I would think that at close ranges pellet mass would not affect the damage/pain potential of an AEG. AEGs have shown themselves to be constant energy devices endowing a pellet with a consistent amount of kinetic energy despite varying pellet mass.
However I've found that the first 20' of flight can incur a significant velocity loss, especially with lighter pellets (shooting at a chrony at range).
I suspect that this is due to two causes:
-air resistance roughly varies with the square of velocity
-lighter pellets have lower energy density in terms of Joules/(fps)
A lighter faster pellet will experience significantly higher air resistance to a slower heavier (equivalent energy) pellet. That increased energy loss due to higher squared velocity will be compounded by the greater fps reduction when the pellet sheds kinetic energy from it's lighter body.
I have found GBBs and NBBs of many types to be significantly non constant energy devices, especially if they are propelled by a 2 phase compressed liquid-gas method (propane or HFC134a). I suspect that this is due to several factors:
-Higher initial pressures
-Higher gas density (propane (1.5x higher) and especially HFC134a (3.5x) have higher density than air)
-More complex pneumatic arrangement
Room temperature saturated propane exerts around 115psi. Conversely an AEG springs peak force results in a pressure of only 20psi (guesstimate based on the spring exerting 15lbf at full draw). The considerably higher pressure will experience a much higher initial flow rate which will incur much higher pressure losses over the convoluted pneumatic arrangement typical to most gas powered guns. I surmise that flow rate dependent pressure drops over the various valves and openings cause a considerable loss of pressure applied to the pellet.
For awhile I bashed my head against the question why such a high pressure didn't result in deadly velocities. If an AEG spring exerted such a small pressure in comparison to the saturated gas pressure of propane, why weren't propane guns dangerous?
First off, long barreled propane propelled rifles can exert very high velocities (500+ fps easily). Secondly, a magazine contained a relatively limited volume of pre expanded gas. Propane requires significant energy to boil off and maintain mag pressure so I suspect that the phase of pellet propulsion relies almost completely on the expanded gas.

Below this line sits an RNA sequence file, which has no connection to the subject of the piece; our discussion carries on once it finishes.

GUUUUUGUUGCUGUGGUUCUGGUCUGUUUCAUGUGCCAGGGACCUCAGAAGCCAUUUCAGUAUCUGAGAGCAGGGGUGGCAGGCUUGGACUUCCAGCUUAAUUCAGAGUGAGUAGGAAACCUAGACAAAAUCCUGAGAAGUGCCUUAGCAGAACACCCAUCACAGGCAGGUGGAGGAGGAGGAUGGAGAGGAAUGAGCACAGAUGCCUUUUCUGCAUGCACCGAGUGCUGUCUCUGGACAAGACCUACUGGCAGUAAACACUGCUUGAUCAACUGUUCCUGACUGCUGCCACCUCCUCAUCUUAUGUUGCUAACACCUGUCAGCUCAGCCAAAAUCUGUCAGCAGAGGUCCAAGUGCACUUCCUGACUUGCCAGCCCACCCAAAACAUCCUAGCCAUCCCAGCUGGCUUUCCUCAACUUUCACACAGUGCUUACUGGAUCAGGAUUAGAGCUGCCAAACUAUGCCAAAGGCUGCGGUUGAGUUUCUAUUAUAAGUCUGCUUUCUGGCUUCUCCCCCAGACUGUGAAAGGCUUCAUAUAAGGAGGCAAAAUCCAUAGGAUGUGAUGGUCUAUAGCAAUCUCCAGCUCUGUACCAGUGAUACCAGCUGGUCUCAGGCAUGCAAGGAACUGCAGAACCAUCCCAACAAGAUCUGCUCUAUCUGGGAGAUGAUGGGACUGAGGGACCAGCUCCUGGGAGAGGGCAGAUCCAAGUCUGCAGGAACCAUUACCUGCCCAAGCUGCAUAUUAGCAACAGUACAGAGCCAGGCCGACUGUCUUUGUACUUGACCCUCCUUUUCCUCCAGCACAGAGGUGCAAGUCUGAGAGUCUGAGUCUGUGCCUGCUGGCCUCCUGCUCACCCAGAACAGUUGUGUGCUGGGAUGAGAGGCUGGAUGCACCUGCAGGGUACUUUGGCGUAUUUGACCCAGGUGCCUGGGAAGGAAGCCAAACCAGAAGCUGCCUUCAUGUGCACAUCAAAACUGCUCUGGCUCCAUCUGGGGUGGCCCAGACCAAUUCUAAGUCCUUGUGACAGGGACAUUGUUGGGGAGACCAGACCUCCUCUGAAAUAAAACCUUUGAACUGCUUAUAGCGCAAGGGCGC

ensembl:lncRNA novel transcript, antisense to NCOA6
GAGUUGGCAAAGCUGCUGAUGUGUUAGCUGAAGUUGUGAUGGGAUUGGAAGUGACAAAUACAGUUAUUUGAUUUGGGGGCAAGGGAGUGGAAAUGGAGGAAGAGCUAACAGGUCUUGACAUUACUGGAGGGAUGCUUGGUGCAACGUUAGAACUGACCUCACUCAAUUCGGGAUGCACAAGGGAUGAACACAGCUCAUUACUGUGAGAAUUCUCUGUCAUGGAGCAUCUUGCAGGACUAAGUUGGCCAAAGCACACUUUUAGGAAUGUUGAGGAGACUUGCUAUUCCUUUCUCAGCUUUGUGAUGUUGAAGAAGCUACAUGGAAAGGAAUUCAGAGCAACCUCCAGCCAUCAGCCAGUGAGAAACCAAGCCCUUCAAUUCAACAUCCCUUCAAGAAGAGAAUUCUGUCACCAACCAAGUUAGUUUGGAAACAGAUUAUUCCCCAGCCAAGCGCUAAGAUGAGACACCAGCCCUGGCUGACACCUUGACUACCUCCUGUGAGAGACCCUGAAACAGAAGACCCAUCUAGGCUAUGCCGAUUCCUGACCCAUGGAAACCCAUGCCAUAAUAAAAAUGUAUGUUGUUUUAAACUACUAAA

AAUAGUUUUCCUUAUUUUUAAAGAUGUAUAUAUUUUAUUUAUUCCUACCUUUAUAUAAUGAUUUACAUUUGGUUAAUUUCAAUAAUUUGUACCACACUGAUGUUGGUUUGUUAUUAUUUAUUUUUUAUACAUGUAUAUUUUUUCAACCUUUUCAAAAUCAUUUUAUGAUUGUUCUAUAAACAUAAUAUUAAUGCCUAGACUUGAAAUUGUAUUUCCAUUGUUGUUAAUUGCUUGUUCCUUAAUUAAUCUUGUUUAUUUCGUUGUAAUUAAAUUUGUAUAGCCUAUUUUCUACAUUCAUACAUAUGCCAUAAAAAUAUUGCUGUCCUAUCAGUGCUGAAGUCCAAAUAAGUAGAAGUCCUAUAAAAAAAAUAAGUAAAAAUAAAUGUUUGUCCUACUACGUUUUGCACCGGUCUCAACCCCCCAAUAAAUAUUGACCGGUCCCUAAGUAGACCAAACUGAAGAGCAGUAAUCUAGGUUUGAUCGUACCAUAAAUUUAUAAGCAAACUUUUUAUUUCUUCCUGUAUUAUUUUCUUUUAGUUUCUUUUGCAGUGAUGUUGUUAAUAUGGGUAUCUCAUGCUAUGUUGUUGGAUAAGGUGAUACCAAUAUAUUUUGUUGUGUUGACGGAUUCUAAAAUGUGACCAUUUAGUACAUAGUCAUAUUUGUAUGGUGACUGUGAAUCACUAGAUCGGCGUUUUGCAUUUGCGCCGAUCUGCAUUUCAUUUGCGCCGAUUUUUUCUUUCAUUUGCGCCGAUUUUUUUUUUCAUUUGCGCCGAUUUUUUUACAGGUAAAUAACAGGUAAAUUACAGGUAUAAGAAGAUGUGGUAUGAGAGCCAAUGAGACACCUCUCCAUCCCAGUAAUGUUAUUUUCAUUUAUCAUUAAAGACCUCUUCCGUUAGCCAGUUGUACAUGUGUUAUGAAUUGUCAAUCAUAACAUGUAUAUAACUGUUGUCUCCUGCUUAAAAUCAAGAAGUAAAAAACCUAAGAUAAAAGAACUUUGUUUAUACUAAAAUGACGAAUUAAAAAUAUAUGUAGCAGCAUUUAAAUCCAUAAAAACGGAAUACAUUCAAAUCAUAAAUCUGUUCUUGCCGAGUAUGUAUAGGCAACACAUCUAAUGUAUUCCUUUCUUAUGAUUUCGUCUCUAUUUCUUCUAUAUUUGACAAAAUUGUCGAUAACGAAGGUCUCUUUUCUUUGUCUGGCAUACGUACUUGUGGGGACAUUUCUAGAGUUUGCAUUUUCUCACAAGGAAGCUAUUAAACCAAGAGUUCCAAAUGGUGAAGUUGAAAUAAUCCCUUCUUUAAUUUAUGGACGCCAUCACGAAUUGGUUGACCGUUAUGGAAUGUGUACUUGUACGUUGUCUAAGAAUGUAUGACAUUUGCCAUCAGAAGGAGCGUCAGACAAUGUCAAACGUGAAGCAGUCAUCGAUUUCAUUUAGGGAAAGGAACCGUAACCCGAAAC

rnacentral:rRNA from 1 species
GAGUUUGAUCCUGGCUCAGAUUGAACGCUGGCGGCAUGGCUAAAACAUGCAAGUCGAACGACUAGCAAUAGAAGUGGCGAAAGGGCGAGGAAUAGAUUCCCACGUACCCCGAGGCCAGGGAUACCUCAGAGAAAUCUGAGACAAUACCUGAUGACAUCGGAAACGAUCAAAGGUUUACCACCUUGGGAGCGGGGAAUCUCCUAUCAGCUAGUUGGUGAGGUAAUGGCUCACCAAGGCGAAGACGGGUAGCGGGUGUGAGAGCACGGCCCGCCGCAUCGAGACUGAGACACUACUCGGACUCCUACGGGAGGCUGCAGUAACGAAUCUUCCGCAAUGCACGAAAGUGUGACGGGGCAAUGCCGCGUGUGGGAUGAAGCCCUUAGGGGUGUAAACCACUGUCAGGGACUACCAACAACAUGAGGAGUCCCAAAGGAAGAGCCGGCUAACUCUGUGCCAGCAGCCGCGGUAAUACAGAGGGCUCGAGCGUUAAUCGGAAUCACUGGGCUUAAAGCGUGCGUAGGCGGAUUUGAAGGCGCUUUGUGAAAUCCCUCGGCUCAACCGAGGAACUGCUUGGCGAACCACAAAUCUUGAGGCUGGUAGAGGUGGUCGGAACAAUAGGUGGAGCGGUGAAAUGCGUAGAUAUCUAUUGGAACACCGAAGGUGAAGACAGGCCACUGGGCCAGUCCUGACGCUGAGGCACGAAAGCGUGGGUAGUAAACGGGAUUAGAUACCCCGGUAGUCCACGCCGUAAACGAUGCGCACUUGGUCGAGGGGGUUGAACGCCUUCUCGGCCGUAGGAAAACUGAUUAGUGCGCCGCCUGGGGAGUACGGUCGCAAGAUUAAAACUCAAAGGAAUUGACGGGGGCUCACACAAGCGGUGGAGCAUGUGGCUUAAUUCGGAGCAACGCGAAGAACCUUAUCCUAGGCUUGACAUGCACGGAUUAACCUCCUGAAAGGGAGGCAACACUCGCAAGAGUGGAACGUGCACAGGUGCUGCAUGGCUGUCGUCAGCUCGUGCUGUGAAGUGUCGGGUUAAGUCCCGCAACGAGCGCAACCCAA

This fixes the supply of gas phase propellant so you don't get a tremendously fast BB because the pressure starts to rapidly drop as gas expands through the gun and experiences pressure drops over all the various valves and orifices.
Propane and HFC134a have significantly higher density than air. Heavier gases experience higher pressure drops over flow resistances which will reduce the final pressure applied to a pellet. These pressure drops over flow resistances (valves and ports) will be dependent on the flow rate of the gas and apparent backpressure provided by the pellet. This means that the gas flow rate out of a gun is significantly dependent on the resistance to gas flow that a pellet presents. Therefore the pressure drops over various flow resistances will be ultimately pellet dependent.
I surmise that a funny issue of series resistance to gas flow situation arises in a gas airsoft gun. You start with a high initial pressure in the mag until the mag fire valve opens. Gas flows through the fire valve and mag rubber and nozzle body until it impinges on the back of the bb and starts it moving. Pressure builds up behind the pellet and gets it moving.
Even if the gas is dense compared to air, it's definitely not dense compared to the pellet so the gas flow starts to become dependent on how fast the pellet presently moves in the barrel.
I suspect that the pellet represents a resistance to gas flow which is in series with all of the other orifice resistances. Heavier pellets represent higher resistances to flow while lighter (faster accelerating pellets) represent a lower resistance.
This is the bit for DonP: This presents a funny series resistance situation analogous to an electrical series resistance where a fraction of power is dissipated over all of the series resistances. For the most efficient power delivery to the intended load (the pellet, or analogous motor in your circuit) you should maximize the resistance of the intended load to put most of the pressure (or analogous voltage) drop at your intended load.
In the case of lighter pellets, the pellet moves fast enough that it allows a higher flow which incurs higher pressure drops over the orifices and valves resulting in lower pressure applied to the pellet. Less pressure means less force for given distance which means less muzzle energy. Heavier pellets slug down the flow rate and put more of the pressure drop at the pellet which means higher muzzle energy.
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